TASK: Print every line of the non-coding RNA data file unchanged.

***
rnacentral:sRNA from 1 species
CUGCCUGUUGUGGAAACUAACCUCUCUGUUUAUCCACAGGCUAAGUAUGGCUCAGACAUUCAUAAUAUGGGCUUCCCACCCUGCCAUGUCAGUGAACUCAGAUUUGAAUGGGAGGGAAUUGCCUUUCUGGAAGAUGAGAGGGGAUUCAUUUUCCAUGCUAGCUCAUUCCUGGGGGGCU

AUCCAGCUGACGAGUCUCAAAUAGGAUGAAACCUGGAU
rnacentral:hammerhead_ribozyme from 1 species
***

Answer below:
rnacentral:sRNA from 1 species
CUGCCUGUUGUGGAAACUAACCUCUCUGUUUAUCCACAGGCUAAGUAUGGCUCAGACAUUCAUAAUAUGGGCUUCCCACCCUGCCAUGUCAGUGAACUCAGAUUUGAAUGGGAGGGAAUUGCCUUUCUGGAAGAUGAGAGGGGAUUCAUUUUCCAUGCUAGCUCAUUCCUGGGGGGCU

AUCCAGCUGACGAGUCUCAAAUAGGAUGAAACCUGGAU
rnacentral:hammerhead_ribozyme from 1 species